2. I seem to be one of the only ones who enjoyed this novel. It was the first Shreve I read, and I was mesmerized by her writing and the setting. I’m eager to read more to see how she shapes up, but her writing in this book makes me inclined to agree she is closer to literary fiction than I previously thought.


  3. I’m afraid I’m one of those people who tends to dismiss Shreve, but it’s mostly because I’ve found her work to be so uneven. I just don’t find it to be worth the risk. However, looking over your reviews of the books of hers I’ve read, it appears that we like and dislike the same ones. (I loved Light on Snow and enjoyed All He Ever Wanted pretty well, but I thoroughly disliked A Wedding in December and found A Pilot’s Wife frustrating.) So if I do decide to try Shreve again, I’ll look for one of your more highly rated choices.


  4. I’m glad to have now found your Anita Shreve page! I really enjoy her work but haven’t read one of her books for ages now – I still have a copy of Testimony waiting to be read. I think my favourite of her past novels would have to be Fortunes Rocks.


  5. Admittedly the covers are pretty horrible, arent they? They do the content a disservice I think because they look like something that would only appeal to a certain type of reader.
    Funnily enough most of her characters seem to be in their late 20s, so your view that the books are for 70+ year olds is pretty wide of the mark. LOL!


  6. I havent seen any reviews of this one (not that Ive gone looking), so I dont know what the general view of it is. All I know is that I really enjoyed it and couldnt put it down. It was only when I looked back on it that I realised I barely knew anything about Patrick and couldnt understand why their marriage could flounder over such a small, almost trivial, thing.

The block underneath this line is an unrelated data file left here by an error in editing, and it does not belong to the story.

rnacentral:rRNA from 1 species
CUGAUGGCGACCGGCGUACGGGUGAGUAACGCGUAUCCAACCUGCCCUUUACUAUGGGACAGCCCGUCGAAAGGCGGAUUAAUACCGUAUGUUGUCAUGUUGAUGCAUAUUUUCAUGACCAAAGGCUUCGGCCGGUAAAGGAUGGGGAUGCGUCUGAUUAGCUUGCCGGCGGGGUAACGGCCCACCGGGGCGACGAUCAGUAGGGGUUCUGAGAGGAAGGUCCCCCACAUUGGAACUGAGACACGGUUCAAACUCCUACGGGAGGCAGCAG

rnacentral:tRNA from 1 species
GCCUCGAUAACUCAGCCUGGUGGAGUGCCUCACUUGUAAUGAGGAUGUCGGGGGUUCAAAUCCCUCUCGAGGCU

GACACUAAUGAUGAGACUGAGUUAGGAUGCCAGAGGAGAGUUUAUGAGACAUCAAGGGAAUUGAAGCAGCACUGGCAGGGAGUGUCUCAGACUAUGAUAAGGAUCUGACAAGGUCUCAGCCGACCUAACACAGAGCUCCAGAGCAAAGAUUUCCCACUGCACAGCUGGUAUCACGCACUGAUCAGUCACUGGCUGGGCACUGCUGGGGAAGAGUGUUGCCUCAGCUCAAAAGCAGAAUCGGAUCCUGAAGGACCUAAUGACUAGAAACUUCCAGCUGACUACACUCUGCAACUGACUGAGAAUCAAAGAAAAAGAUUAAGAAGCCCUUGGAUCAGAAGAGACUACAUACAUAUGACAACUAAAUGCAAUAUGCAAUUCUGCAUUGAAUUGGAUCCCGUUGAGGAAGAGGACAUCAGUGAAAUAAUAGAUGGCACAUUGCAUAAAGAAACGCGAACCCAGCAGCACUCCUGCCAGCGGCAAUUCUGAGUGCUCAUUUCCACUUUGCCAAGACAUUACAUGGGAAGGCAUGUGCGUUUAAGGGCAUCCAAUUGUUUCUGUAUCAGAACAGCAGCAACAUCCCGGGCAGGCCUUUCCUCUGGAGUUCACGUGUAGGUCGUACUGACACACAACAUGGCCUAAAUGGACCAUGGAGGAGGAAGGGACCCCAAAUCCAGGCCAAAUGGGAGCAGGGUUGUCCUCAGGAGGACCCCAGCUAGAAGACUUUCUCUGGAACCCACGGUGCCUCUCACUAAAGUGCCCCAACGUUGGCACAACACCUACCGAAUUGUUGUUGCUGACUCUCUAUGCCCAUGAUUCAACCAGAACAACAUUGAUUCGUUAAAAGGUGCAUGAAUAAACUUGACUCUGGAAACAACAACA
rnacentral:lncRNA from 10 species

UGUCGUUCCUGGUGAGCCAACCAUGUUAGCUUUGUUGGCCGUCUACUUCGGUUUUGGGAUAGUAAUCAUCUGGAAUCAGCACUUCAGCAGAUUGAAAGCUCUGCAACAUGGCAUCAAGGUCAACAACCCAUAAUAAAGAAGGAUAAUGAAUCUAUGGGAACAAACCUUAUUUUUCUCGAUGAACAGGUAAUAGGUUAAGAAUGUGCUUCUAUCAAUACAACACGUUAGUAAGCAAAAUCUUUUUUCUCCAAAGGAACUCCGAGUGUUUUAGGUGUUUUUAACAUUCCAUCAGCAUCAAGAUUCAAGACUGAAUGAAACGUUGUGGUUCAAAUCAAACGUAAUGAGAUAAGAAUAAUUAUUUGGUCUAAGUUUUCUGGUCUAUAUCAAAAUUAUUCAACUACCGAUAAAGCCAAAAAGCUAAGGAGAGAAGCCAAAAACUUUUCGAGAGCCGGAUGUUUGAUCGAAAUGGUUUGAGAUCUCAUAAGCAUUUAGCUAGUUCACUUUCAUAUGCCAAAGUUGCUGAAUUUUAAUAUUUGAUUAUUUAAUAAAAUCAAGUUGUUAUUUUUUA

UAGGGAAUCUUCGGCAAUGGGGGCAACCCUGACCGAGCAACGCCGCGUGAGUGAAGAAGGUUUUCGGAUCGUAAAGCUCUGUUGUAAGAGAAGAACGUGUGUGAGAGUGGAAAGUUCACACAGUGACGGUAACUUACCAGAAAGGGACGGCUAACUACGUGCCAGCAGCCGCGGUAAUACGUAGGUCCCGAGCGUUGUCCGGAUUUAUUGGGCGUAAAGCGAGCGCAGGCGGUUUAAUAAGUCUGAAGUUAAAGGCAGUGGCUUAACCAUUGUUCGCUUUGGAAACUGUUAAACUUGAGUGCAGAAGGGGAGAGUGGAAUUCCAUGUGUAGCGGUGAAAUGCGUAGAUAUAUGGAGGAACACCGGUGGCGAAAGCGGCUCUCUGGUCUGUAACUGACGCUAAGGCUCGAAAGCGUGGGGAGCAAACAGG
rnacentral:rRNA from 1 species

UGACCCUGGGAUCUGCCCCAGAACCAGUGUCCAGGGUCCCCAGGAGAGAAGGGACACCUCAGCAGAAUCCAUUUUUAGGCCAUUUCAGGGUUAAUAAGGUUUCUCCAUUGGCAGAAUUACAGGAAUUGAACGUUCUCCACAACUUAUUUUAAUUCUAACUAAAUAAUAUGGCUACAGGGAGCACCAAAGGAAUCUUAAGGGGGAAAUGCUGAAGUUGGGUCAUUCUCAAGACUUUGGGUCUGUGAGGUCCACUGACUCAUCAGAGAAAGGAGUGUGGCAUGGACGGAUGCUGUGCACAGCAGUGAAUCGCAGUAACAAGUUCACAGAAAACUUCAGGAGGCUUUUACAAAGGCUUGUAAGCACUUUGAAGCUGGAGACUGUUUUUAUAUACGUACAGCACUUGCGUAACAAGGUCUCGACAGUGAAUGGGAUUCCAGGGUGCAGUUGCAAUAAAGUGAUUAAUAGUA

7. I agree: she can be hit and miss. Which is probably why I borrowed this from the library rather than go out and purchase my own copy.
    That said, I do think shes under-rated and often dismissed by people who havent even tried her stuff. Shreve has a journalistic background, and I think it shows: she knows how to craft a strong story without getting mired in extraennous (spelling?) detail. I like that approach.


  8. Oh darn it – you borrowed this from a library? I was hoping to bag this from you upon my visit. Can you line up some good books for me? (I tend to pass them on to my neighbours btw.)


  9. I’ve read a few of her books and really enjoyed them, but I think you’re right she does tend to get marketed and grouped as a more popular read than literary putting some readers off, which is unfortunate. I mooched quite a few of them and now have a small shelf full, so I’ll have to see which you’ve read and enjoyed.


  10. Yes, sorry about that — think you’d like this one.
    I’ve got bags and bags of books, some of which are duplicates sent to me by publishers, which you can happily help yourself to. You might need to bring an extra suitcase! LOL.


  11. They’re easy reads, so perhaps that explains her popularity, but if you scratch under the surface there’s usually quite a bit going on, so they’re not as shallow as the critics would lead us to believe.


  12. Glad to hear your favourite is Fortunes Rock… it’s one of hers I haven’t read though I do have a rather battered second-hand copy in the TBR.


  13. I’ve generally enjoyed Anita Shreve’s books. They’re nicely written and right for when I just want something entertaining and easy to read. I shall look out for A Change in Altitude and also for July’s People.
    I saw Rupture ( titled ‘A Thousand Cuts’ here in the US) on your blog. Excellent recommendation, thank you.


  14. Thanks for posting your review – I’ve read many mixed reviews of this one and am still intrigued. I think I will check it out from the library 🙂